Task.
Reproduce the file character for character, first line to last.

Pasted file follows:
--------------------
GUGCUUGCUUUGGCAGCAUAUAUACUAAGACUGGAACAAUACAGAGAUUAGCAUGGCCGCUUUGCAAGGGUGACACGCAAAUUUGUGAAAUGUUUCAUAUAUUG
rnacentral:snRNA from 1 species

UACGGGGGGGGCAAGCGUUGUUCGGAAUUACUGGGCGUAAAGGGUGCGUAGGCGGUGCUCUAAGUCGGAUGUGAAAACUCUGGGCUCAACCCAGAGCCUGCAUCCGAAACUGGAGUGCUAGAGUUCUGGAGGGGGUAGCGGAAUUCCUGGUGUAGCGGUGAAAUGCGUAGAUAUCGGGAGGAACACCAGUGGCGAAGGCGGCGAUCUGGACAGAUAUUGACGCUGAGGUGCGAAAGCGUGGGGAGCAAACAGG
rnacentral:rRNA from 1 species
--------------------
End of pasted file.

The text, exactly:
GUGCUUGCUUUGGCAGCAUAUAUACUAAGACUGGAACAAUACAGAGAUUAGCAUGGCCGCUUUGCAAGGGUGACACGCAAAUUUGUGAAAUGUUUCAUAUAUUG
rnacentral:snRNA from 1 species

UACGGGGGGGGCAAGCGUUGUUCGGAAUUACUGGGCGUAAAGGGUGCGUAGGCGGUGCUCUAAGUCGGAUGUGAAAACUCUGGGCUCAACCCAGAGCCUGCAUCCGAAACUGGAGUGCUAGAGUUCUGGAGGGGGUAGCGGAAUUCCUGGUGUAGCGGUGAAAUGCGUAGAUAUCGGGAGGAACACCAGUGGCGAAGGCGGCGAUCUGGACAGAUAUUGACGCUGAGGUGCGAAAGCGUGGGGAGCAAACAGG
rnacentral:rRNA from 1 species